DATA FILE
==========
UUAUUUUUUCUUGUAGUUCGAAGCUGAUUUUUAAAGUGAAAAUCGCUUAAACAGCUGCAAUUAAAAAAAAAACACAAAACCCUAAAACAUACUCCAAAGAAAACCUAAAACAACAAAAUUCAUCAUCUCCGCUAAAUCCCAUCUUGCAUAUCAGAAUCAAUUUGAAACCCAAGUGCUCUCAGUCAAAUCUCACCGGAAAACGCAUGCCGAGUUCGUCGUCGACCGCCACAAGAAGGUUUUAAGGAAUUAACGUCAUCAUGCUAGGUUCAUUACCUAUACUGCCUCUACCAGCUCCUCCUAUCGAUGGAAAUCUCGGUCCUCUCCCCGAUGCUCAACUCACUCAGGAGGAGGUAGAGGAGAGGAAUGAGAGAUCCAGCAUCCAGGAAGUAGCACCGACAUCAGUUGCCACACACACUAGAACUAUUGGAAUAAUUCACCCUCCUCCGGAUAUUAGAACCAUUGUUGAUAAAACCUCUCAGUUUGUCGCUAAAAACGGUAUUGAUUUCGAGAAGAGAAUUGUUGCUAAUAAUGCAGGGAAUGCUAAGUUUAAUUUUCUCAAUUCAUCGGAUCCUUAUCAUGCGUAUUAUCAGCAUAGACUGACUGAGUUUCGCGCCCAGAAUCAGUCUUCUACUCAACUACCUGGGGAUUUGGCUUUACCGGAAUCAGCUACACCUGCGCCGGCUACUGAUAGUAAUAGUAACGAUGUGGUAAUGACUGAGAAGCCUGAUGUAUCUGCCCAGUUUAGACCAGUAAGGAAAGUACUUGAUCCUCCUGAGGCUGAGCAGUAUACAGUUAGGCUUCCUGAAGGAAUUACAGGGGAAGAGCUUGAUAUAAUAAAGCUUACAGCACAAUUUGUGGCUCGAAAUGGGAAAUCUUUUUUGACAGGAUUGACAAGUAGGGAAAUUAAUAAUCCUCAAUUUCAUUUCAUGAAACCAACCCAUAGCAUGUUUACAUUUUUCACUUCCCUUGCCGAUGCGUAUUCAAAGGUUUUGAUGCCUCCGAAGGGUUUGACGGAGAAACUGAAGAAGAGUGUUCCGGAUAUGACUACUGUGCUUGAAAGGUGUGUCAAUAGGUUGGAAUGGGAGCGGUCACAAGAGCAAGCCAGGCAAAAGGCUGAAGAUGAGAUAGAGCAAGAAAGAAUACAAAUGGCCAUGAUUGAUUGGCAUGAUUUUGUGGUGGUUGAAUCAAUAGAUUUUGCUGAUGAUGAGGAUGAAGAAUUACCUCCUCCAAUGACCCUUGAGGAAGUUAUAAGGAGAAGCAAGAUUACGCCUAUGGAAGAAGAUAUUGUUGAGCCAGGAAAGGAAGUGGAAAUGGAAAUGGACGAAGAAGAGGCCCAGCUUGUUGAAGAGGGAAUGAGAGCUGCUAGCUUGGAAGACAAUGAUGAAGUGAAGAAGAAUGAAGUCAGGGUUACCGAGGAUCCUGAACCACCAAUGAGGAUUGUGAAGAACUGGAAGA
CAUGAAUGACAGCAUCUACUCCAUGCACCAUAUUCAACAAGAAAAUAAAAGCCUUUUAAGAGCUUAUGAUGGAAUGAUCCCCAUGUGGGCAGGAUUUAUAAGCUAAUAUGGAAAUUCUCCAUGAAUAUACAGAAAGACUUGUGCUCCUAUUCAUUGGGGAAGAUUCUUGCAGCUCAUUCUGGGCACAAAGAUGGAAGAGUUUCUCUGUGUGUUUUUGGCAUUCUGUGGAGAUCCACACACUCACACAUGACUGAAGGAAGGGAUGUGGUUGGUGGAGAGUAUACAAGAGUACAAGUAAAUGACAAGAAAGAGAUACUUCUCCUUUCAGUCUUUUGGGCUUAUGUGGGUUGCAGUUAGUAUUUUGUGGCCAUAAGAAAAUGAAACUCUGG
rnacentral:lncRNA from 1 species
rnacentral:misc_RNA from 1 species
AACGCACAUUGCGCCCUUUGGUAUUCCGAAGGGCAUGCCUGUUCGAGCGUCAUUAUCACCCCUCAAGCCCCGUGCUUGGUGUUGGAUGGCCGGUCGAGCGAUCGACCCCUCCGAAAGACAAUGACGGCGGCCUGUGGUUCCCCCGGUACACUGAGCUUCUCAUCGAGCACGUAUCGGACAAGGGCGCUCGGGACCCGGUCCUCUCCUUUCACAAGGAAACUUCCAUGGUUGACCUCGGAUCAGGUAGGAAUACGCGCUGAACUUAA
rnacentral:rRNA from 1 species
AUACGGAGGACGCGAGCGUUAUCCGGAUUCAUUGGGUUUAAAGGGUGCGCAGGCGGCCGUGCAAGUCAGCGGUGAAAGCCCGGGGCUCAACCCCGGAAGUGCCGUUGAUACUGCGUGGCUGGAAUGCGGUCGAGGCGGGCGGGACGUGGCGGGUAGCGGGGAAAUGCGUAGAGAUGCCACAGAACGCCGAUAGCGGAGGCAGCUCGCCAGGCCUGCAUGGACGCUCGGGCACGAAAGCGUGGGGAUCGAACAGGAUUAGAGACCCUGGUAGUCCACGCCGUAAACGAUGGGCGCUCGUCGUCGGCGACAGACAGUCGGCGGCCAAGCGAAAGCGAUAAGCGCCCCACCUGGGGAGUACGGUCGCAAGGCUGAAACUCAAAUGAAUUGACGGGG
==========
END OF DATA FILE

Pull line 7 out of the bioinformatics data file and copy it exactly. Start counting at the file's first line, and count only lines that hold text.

AUACGGAGGACGCGAGCGUUAUCCGGAUUCAUUGGGUUUAAAGGGUGCGCAGGCGGCCGUGCAAGUCAGCGGUGAAAGCCCGGGGCUCAACCCCGGAAGUGCCGUUGAUACUGCGUGGCUGGAAUGCGGUCGAGGCGGGCGGGACGUGGCGGGUAGCGGGGAAAUGCGUAGAGAUGCCACAGAACGCCGAUAGCGGAGGCAGCUCGCCAGGCCUGCAUGGACGCUCGGGCACGAAAGCGUGGGGAUCGAACAGGAUUAGAGACCCUGGUAGUCCACGCCGUAAACGAUGGGCGCUCGUCGUCGGCGACAGACAGUCGGCGGCCAAGCGAAAGCGAUAAGCGCCCCACCUGGGGAGUACGGUCGCAAGGCUGAAACUCAAAUGAAUUGACGGGG